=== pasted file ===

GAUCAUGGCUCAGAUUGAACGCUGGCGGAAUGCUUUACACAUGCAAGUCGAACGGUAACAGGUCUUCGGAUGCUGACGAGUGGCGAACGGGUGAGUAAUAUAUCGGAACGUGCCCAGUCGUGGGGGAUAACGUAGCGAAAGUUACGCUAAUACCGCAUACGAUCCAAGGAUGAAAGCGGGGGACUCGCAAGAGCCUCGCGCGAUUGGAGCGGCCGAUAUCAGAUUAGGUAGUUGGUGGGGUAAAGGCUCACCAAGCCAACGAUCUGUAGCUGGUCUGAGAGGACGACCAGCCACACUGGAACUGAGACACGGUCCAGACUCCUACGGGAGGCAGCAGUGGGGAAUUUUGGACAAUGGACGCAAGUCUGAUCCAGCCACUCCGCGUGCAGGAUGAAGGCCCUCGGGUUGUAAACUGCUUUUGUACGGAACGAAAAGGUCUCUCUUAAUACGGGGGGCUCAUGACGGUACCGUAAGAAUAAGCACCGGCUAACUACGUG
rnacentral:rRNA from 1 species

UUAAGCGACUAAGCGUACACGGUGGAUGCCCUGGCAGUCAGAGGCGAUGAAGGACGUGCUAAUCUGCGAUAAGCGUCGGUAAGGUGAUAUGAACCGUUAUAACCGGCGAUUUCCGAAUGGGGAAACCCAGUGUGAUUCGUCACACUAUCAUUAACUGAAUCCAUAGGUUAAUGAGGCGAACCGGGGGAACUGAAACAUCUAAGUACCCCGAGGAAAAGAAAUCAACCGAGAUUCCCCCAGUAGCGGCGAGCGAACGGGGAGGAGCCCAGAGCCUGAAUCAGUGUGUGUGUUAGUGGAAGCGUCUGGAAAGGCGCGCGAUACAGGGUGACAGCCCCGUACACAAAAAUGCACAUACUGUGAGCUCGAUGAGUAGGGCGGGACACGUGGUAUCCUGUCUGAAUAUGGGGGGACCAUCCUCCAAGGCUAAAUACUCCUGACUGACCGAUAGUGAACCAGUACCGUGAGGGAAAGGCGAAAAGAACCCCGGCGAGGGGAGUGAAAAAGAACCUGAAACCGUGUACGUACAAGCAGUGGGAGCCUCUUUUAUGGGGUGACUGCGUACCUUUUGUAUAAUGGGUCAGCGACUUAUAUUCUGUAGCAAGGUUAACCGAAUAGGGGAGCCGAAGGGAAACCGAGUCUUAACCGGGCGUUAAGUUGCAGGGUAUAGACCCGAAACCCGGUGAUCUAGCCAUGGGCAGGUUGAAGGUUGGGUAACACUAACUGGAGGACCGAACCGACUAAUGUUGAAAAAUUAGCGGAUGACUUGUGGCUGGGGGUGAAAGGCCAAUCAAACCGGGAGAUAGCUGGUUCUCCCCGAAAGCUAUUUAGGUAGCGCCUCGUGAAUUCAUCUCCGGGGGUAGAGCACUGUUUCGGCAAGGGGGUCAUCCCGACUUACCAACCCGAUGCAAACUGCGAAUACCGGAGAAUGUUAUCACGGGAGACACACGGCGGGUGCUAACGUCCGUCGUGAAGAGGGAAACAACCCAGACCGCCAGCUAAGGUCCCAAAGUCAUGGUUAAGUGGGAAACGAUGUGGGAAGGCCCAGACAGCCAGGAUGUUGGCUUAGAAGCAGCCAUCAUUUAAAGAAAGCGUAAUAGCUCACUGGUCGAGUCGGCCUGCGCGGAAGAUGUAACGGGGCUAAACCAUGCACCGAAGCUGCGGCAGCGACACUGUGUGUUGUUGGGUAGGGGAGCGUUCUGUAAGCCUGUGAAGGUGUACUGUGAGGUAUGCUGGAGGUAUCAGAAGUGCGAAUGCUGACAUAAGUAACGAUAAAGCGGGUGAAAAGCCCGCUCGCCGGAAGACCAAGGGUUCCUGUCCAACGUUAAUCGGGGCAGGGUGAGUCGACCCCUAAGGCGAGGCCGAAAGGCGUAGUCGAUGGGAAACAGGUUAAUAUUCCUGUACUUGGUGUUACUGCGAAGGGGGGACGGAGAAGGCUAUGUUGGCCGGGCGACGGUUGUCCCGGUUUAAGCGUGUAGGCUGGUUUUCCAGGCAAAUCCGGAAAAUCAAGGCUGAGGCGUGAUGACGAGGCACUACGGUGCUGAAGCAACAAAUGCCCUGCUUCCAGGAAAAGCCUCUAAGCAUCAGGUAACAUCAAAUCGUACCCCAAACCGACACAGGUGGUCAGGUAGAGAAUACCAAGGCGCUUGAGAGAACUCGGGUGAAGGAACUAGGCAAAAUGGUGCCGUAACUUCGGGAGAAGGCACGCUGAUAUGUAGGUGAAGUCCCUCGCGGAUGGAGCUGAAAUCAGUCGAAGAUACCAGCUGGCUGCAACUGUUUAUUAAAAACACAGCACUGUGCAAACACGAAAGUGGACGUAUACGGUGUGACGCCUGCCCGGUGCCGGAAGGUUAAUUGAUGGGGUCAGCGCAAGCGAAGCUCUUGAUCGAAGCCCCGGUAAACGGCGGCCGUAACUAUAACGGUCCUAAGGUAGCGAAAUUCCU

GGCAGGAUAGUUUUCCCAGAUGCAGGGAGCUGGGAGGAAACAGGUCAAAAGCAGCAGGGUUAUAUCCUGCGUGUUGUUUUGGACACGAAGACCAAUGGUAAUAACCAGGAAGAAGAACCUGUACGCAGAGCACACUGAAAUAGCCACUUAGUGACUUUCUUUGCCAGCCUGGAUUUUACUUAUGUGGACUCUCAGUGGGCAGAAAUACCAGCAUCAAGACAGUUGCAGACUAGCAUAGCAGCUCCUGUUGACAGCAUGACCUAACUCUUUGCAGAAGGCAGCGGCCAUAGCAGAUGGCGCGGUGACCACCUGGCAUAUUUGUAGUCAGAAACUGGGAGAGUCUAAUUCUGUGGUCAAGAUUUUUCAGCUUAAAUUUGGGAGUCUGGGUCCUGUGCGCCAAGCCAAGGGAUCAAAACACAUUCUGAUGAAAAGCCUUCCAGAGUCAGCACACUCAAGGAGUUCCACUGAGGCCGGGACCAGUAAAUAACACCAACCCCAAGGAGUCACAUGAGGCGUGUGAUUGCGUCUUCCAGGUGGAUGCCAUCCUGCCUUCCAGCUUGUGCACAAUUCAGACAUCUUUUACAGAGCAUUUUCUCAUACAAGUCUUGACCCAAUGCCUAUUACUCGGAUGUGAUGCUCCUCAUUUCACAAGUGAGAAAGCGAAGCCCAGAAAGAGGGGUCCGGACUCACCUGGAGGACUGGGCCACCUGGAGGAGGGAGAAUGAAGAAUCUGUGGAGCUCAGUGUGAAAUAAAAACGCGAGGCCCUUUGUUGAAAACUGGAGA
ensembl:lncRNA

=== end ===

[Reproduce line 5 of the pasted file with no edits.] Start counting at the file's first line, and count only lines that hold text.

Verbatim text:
ensembl:lncRNA